Those Growing BonesBy Pamela Williams, MPH, R.D.
|Photo by Pixabay|
Getting our kids to eat healthy can be quite a task but being persistent has its benefits. One benefit is supporting the growth of healthy bones and teeth.
As children grow, the body demands calcium to support bone development. Infants need calcium so that bones can increase to support their ever growing weight and size. Calcium from breast milk and/or formula meet the infants’ need. However when they become toddlers and children, they need a steady supply.
Between the ages of 10 – 15 years old, the weight of bones double1 but this is the time growing children and teenagers abandon calcium sources. This compromises bone density and bones are more vulnerable to breakage. For example, children and teenage boys who don't get enough calcium have more forearm breakages than those who do get enough calcium.2
When teenagers and children have low calcium intakes, they increase their risk for osteoporosis or brittle bones as they get older. Here's why. During teen years and up to age 25, bones increase in density. After this, the body maintains density. When we reach 40 years old, we start to lose calcium. If we do not have significant stores, our bones can become brittle in the later years of life. What we do now for growing bones can affect our children’s bones in later years.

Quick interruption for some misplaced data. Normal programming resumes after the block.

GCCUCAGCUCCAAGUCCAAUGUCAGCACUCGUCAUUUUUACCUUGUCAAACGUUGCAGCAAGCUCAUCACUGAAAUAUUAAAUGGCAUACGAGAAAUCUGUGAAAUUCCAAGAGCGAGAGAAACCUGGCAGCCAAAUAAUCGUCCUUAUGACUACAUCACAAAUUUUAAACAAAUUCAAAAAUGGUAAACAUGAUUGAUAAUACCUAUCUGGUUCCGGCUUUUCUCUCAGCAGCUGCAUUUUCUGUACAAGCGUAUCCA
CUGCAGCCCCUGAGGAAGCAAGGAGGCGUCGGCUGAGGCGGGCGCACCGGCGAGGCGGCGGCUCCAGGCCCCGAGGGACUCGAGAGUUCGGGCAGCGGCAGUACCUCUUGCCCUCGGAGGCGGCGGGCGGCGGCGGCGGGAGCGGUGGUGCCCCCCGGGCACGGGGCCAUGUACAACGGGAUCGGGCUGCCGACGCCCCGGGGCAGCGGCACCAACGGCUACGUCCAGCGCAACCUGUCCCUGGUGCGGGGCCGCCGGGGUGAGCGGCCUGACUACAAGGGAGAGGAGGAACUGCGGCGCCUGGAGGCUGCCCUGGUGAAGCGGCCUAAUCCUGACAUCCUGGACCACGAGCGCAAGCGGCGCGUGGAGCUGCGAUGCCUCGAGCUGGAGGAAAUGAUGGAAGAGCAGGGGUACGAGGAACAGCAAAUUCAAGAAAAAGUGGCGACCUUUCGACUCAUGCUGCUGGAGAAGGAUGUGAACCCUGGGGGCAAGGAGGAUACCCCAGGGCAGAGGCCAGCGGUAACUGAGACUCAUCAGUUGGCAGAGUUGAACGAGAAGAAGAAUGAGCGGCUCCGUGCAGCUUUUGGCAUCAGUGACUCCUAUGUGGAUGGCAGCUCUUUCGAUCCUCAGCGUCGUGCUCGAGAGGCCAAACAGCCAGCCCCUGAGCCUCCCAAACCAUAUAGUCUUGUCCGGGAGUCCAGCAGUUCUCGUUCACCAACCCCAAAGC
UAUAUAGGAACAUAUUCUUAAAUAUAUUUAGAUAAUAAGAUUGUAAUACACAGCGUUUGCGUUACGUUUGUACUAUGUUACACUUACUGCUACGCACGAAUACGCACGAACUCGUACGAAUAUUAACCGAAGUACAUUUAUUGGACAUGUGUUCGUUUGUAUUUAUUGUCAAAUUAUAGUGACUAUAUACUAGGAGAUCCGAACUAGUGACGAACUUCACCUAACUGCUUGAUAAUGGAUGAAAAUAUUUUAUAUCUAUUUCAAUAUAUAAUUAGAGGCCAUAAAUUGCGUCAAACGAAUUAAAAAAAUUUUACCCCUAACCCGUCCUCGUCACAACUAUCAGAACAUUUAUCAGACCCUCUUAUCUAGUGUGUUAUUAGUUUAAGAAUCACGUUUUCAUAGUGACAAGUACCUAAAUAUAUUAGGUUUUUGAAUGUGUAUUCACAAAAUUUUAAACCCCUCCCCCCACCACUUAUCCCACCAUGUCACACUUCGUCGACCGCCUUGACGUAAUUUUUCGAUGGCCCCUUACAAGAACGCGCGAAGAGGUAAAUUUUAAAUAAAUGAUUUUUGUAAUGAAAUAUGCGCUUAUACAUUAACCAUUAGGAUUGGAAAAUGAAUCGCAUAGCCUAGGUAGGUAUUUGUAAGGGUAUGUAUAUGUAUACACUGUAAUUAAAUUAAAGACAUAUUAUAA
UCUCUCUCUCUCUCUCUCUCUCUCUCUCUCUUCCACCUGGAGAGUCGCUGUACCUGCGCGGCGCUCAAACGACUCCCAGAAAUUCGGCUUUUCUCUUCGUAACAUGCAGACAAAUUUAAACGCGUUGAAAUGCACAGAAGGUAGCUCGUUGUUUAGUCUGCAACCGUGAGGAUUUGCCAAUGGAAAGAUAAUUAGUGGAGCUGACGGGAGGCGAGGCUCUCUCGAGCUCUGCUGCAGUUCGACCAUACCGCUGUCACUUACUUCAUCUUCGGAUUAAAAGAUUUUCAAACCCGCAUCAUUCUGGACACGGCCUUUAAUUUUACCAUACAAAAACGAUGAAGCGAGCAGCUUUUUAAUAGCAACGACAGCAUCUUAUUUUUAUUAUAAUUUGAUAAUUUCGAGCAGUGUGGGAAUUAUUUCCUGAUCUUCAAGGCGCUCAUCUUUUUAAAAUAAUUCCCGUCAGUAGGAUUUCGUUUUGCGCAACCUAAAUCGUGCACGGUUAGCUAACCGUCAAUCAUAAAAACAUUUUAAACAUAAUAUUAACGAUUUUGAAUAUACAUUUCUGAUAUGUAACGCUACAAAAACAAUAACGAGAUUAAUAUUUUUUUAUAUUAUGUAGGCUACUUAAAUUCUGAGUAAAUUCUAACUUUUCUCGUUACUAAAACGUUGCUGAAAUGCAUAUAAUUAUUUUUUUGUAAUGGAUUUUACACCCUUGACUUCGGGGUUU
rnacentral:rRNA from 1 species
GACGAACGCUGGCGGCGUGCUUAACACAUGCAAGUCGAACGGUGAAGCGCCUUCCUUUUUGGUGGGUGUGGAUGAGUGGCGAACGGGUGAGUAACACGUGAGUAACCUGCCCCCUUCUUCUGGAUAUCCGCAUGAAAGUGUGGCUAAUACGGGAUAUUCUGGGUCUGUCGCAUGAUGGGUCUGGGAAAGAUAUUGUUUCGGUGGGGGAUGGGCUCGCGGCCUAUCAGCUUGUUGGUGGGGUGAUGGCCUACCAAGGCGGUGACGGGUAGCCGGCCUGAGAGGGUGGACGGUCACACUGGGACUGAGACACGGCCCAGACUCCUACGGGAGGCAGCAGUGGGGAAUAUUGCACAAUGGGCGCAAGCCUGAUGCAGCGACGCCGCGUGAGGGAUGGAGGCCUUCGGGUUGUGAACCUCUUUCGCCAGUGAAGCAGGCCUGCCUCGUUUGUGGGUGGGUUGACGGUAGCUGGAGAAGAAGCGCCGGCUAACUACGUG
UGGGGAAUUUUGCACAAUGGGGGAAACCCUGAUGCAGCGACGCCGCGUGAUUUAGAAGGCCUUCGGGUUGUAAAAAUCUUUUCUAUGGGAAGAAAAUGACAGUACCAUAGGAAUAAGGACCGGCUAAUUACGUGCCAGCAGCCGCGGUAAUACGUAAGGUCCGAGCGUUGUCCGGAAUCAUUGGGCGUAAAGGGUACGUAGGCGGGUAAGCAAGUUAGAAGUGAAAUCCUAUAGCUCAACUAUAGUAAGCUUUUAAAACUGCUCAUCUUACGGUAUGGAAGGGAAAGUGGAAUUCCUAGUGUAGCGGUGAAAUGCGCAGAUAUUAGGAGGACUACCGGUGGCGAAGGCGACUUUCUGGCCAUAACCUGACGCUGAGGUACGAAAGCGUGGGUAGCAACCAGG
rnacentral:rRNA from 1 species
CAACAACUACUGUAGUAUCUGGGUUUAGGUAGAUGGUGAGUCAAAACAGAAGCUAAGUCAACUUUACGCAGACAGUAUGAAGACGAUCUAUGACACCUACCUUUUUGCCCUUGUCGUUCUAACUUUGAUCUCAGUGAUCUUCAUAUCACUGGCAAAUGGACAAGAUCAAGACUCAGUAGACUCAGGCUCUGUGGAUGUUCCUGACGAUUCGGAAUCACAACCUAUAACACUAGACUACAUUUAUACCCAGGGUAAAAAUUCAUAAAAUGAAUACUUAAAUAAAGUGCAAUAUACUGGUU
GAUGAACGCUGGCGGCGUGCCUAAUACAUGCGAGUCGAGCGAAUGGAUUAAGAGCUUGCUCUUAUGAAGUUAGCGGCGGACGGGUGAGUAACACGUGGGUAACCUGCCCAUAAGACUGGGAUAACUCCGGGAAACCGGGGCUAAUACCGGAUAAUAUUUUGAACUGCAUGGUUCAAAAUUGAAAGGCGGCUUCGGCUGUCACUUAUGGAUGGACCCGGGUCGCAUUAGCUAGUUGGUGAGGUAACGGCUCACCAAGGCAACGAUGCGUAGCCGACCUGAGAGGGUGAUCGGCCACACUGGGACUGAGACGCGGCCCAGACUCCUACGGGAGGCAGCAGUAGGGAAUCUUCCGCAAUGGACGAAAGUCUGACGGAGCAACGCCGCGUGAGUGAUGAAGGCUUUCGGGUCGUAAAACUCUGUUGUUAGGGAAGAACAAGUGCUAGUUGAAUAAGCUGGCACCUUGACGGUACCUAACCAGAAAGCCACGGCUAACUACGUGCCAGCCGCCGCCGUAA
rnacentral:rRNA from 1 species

Where do we get calcium? One of the most abundant sources of calcium is from milk and dairy products. What are the best sources? Keeping a steady supply of milk, cheese and yogurt in the daily diet will help keep bones strong. If milk sources cannot be digested due to allergies for example, there are other sources of calcium. Soy, almond and rice beverages can be a source of calcium. Don't forget to read the label to make sure calcium has been added. Broccoli, beans, bok choy, spinach, almonds, tortillas and tofu with calcium sulfate are other sources that contain calcium. Getting these foods in the diet will help provide calcium for bones.
Don’t forget that growing bones need more than calcium. Other nutrients to support bones include vitamin D, magnesium, potassium, boron, fluoride, iron and many others. Eating a variety of fruits, vegetables, whole grains, will help meet the demands for these nutrients.
How much calcium do growing bones need?
Birth to 6 months - 210 mg
6-12 months - 270 mg
1-3 years old - 500 mg
4-8 years old - 800 mg
9-18 years old - 1,300 mg